Opening a distillery was an idea that bubbled up two years for husband and wife team Chris and Shanelle Montana, but it became a reality in the last year. Chris, a recent law school graduate, and Shanelle, who works in government relations, began talking to friends, family, and people in the distilling and craft brewing business about how to open their own distillery. Never having opened a business before, it seemed like it was out of reach. A little research and a few connections later, they had filed for federal and state licenses to open Du Nord Craft Spirits.
The original plan was to open Du Nord in Saint Paul, but roadblocks in the city’s ordinances led them back to Minneapolis, to the area where Chris grew up. It was important for Chris and Shanelle to feel a connection to the community where the distillery landed, and between Chris’s roots there and the welcome they received from the community, the change to Minneapolis felt comfortable. Du Nord is located in an area where a lot of great things have bloomed in the last few years—including Harriet Brewing. The couple hopes the bustling Longfellow location will bring in lots of traffic when they are finally able to get distilling in the next year.
Chris and Shanelle exude a sense of passion and teamwork that makes you want to hand over your money and become a part of their venture. After sitting for the bar exam this summer, Chris spent some time on a road trip, visiting other distilleries to get an idea of how he wanted their own distillery to look and feel. Shanelle joined him for part of the journey as well. The couple knew that they wanted to incorporate grains from Shanelle’s parents’ farm, and that they would try to keep as many of the ingredients Minnesotan as possible to fit their “Grain to Glass” mantra. After visiting Peach Street Distillery, Chris and Shanelle decided to do even more than simply incorporating Minnesotan ingredients into their spirits by adding touches from other local industry, like purchasing barrels from local cooperages. Another example? The impressive generations-old milk tank from a farm in LaCrosse, Wisconsin.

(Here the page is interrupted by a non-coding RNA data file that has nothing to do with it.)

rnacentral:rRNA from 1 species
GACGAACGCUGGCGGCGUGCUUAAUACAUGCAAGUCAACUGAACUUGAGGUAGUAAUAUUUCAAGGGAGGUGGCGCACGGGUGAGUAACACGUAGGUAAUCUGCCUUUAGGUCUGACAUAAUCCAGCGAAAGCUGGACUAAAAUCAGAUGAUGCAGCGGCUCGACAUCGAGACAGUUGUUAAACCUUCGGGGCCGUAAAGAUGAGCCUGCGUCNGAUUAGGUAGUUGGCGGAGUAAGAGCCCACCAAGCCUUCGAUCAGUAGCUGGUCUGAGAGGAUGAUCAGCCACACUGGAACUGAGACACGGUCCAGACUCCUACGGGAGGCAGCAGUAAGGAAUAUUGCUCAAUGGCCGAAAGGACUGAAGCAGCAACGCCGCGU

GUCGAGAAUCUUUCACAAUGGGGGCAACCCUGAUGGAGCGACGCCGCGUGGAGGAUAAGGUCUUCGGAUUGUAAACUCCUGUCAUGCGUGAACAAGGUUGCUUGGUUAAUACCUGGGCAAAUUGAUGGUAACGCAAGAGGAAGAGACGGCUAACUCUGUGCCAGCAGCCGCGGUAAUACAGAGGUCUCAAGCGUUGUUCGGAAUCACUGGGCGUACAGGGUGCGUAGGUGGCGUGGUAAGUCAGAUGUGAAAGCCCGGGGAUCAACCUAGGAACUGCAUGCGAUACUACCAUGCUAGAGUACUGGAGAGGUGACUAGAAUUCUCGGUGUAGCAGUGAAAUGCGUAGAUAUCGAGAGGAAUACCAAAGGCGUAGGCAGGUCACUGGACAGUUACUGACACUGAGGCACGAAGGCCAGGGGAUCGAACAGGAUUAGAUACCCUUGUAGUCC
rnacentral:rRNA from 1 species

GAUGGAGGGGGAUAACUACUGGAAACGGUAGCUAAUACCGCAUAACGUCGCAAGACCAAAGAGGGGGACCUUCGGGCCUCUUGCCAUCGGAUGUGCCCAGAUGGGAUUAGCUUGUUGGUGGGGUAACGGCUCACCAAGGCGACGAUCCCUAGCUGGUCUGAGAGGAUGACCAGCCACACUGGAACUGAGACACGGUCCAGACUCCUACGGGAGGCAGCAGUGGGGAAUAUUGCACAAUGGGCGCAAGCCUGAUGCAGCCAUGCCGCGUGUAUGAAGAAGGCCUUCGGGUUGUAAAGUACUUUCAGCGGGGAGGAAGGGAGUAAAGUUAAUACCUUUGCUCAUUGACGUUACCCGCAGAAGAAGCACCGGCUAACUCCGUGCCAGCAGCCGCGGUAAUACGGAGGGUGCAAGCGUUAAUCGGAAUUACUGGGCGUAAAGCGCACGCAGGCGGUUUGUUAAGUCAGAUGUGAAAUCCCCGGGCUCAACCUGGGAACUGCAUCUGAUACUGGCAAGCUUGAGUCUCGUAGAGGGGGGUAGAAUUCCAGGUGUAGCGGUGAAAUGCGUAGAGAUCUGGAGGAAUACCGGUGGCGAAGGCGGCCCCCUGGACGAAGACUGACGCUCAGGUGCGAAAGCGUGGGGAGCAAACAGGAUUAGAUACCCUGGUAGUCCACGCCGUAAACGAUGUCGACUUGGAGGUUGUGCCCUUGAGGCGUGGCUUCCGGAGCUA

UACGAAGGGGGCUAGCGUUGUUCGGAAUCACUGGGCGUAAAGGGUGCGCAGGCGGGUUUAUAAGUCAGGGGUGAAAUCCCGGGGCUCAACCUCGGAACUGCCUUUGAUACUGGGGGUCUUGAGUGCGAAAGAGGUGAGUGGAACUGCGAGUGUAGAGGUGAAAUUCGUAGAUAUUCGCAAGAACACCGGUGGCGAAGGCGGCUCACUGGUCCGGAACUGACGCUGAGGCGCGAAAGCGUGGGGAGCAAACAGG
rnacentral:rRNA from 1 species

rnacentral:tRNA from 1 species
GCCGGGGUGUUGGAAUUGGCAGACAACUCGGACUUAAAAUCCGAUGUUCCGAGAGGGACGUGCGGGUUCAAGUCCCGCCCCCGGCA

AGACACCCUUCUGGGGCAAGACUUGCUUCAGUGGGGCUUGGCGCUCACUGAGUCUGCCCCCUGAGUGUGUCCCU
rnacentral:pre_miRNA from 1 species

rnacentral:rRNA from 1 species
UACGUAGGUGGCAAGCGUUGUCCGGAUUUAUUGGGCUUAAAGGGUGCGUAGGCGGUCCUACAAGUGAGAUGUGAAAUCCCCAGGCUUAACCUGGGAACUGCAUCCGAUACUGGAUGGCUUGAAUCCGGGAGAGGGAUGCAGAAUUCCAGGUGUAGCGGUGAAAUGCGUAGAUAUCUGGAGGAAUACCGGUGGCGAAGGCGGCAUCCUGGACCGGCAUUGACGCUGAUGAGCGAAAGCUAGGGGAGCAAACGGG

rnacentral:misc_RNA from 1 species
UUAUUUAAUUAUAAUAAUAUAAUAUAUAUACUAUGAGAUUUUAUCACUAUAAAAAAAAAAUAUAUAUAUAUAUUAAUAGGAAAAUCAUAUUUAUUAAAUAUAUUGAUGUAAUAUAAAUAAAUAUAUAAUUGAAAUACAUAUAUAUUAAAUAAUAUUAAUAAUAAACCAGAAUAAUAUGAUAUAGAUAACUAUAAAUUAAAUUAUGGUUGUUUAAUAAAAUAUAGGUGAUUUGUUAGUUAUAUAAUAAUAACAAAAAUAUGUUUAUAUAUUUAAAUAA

Visits to other distilleries gave them the inspiration to make the distillery feel like more than a production floor—they envision a welcoming, interactive space that people would want to visit, stay, and enjoy (like they experienced at Heritage Distilling Company in Washington). Although they admit to being on a shoestring budget, Shanelle particularly looks forward to the day when Du Nord can host tasting events for private parties, like bachelorette parties or birthdays. (Sign me up!!) Their space is still being built and finished, but you can read more about their distillery tour trip on their website’s news page.
Chris and Shanelle have completely embraced what it means to be in the distillery business in Minnesota by thinking of the people who will come after them. They have carefully considered where alcohol laws need to go to make it easier for distillers to start their businesses, and are determined to help Minnesota get there. Fortunately, the craft brew boom has helped to pave the way for analogous laws that apply to distilleries; the challenge is that a lot of people don’t understand that distilleries and breweries are not covered by the same laws. Most of the things that breweries and wineries can do are unavailable for distilleries. Recently, one law change allowed distilleries to offer samples of their products on premises—however, if you go to Du Nord when it opens, and the laws remain the same, you will not be able to buy a bottle of whiskey or a drink there. These are some of the laws that Chris and Shanelle hope to help change in the next year.
As for products, Du Nord will quickly turn around bottles of gin, vodka, and appleseed whiskey (named for who else but Johnny Appleseed himself), while leaving the bourbon to age for a couple of years in barrels. The small size of their distillery will also allow them to do small projects as new opportunities arise, so expect some exciting variety in the craft spirits menu after they open.
Du Nord will likely be able to start distilling at the beginning of the next year, after licenses are approved by both the federal and state government. At that time, we can look forward to open houses and events hosted in their space in the Longfellow neighborhood. Until then, you can check out their website and if you are really inspired, hit their indiegogo page to help them fund their equipment (while getting great swag and bennies for yourself—including glasses, shirts, or even becoming a founding member!). And if you’re extra inspired, consider contacting your legislator about the laws on distilleries—who doesn’t want to buy a bottle of Minnesotan whiskey right from the hands of the distiller? It’s high time the laws of distilling caught up with the laws on brewing!